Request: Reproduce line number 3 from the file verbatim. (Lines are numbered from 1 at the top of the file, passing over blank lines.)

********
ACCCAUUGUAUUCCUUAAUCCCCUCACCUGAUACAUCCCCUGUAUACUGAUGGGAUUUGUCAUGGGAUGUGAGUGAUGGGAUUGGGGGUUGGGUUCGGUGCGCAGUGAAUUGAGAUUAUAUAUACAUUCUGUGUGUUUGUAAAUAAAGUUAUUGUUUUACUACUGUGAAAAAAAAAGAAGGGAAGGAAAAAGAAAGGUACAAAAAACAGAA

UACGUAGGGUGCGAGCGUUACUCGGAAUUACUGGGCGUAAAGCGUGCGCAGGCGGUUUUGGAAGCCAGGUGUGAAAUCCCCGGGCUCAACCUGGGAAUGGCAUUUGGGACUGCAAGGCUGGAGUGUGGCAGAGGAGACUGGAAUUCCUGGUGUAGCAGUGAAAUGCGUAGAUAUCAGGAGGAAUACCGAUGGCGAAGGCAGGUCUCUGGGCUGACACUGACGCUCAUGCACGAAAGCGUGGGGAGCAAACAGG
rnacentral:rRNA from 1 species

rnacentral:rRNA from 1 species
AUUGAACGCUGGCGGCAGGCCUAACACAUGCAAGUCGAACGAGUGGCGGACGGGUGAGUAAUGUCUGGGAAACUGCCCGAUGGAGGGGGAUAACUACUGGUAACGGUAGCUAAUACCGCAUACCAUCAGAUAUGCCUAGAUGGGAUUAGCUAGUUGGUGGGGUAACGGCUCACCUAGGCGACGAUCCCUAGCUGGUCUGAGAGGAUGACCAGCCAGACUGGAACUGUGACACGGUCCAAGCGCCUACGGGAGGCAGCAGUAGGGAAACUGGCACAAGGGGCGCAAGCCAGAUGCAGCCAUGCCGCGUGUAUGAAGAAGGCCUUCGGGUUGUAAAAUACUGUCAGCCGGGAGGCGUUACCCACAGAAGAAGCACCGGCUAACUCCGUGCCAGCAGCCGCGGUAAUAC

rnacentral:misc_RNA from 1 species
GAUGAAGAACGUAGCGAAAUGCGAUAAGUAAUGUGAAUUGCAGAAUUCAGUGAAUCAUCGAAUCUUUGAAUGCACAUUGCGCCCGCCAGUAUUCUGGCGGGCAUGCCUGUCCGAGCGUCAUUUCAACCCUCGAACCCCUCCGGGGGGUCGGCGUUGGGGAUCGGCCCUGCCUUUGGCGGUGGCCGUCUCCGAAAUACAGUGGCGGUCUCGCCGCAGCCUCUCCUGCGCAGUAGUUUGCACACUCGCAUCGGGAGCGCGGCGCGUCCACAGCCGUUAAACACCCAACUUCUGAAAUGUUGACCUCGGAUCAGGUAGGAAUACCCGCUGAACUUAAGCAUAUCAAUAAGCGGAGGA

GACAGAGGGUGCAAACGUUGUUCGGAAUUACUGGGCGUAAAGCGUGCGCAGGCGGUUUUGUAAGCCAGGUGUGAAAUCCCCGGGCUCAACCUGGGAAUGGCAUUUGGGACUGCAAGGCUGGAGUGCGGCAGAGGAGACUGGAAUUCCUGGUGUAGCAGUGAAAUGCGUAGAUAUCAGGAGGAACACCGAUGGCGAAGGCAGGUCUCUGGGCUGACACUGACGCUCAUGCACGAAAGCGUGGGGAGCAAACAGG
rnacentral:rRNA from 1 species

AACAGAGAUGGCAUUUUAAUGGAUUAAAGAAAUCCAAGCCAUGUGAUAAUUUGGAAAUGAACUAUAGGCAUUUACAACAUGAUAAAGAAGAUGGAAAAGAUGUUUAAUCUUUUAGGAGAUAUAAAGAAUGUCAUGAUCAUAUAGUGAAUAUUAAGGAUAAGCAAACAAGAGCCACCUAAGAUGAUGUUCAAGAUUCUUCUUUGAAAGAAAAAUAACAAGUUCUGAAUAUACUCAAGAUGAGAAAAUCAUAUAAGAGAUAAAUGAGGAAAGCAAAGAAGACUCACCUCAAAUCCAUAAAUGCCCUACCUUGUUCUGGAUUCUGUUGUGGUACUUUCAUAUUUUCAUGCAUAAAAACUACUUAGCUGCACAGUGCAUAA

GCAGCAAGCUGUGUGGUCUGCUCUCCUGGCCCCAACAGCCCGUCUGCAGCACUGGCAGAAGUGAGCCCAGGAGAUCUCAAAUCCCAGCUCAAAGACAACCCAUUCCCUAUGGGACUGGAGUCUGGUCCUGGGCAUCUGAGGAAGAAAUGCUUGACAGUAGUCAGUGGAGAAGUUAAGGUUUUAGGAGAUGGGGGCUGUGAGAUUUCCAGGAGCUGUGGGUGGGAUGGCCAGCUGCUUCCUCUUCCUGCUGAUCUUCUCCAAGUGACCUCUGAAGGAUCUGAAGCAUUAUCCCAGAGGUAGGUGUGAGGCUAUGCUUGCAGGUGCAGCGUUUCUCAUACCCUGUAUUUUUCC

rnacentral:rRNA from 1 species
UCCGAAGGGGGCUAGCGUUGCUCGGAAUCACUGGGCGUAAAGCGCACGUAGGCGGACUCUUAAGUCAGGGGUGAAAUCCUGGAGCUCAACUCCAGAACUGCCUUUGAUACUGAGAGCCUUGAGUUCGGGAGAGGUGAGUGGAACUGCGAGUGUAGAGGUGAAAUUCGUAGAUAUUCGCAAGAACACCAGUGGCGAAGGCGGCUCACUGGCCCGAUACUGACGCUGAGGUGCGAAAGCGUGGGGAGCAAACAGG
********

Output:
rnacentral:rRNA from 1 species